Friday, April 18, 2014

Poem: Thermopolis


One hand in the peanut jar,
baby toe in the mudbath,
Connie Hayes waits for the geyser.
Somewhere in the bottom of
her purse, a lotto ticket that
will cleanse her life of suspense.

No more the secretly gay boyfriend,
the riflenut co-worker,
goo-goo friends who crib their
advice from eponymous magazines.

She will buy a penguin,
then a hot car –
but one that won’t attract thieves.
She and her penguin (Peter)
will conduct a tour of
North America and pose before
random retail outlets:
the Barnes & Noble in Tonawanda,
the Mint Bar in Sheridan,
the Piggly Wiggly in Jonesboro.
She will flash the photos to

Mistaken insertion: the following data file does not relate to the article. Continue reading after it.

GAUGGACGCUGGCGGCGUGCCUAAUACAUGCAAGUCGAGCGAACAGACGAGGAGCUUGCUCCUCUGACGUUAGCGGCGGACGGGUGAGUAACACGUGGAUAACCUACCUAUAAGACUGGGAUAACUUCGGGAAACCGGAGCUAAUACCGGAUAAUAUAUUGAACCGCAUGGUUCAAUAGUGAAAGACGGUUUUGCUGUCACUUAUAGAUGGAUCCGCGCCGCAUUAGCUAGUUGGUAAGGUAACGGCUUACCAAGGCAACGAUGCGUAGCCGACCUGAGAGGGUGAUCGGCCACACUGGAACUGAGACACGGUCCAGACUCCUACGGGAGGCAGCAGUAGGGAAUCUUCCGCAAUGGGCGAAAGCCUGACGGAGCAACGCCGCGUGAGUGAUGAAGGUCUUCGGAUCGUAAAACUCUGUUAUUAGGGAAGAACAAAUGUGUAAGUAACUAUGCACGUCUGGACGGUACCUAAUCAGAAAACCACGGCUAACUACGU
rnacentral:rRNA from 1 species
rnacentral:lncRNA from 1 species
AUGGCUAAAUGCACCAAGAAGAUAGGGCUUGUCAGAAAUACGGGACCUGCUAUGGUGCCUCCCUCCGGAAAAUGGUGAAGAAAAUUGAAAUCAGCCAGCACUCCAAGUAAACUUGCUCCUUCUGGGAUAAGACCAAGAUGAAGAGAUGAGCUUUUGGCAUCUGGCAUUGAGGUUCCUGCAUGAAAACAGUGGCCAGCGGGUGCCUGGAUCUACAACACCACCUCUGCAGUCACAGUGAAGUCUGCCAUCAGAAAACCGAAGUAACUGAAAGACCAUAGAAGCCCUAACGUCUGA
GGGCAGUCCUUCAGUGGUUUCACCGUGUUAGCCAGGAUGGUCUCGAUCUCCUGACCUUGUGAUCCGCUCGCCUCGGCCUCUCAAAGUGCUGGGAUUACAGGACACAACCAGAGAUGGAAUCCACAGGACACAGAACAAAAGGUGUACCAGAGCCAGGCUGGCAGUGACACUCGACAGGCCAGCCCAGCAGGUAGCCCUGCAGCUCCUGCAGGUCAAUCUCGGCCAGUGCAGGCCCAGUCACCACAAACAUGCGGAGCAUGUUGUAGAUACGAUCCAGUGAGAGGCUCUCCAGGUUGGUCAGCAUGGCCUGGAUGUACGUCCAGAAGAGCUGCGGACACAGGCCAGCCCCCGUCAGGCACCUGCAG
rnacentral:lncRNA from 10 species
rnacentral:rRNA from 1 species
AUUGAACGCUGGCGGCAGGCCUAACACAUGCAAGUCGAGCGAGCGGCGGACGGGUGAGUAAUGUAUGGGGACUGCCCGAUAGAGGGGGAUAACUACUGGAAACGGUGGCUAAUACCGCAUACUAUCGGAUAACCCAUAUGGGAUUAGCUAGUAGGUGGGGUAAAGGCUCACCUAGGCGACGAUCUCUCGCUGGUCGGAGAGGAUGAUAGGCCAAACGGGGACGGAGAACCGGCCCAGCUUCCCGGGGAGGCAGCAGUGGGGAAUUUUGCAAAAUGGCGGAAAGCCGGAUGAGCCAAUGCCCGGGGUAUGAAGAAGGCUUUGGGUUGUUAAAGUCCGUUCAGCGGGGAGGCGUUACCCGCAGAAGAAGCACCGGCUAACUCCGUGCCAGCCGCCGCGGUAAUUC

the Internet so that her
so-called friends may better
digest their hearts.

Honey? Feelin’ good?

Peter, back from his massage,
a blond lock ducking his forehead,
exponential boyishness.
She works up a smile like she’s
cranking a batch of ice cream.

Waiting for the geyser.
Peter? Do men ever
make passes at you?

He laughs.

All the time.
It’s okay. I guess I’m flattered.

Outside the window,
Napa’s Old Faithful
(anorexic cousin to Yellowstone’s)
shoots the blue.

Connie laughs.


Nothing. Hey, remind me to
stop by the store for a lotto ticket.

From the collection Fields of Satchmo 
Photo by MJV

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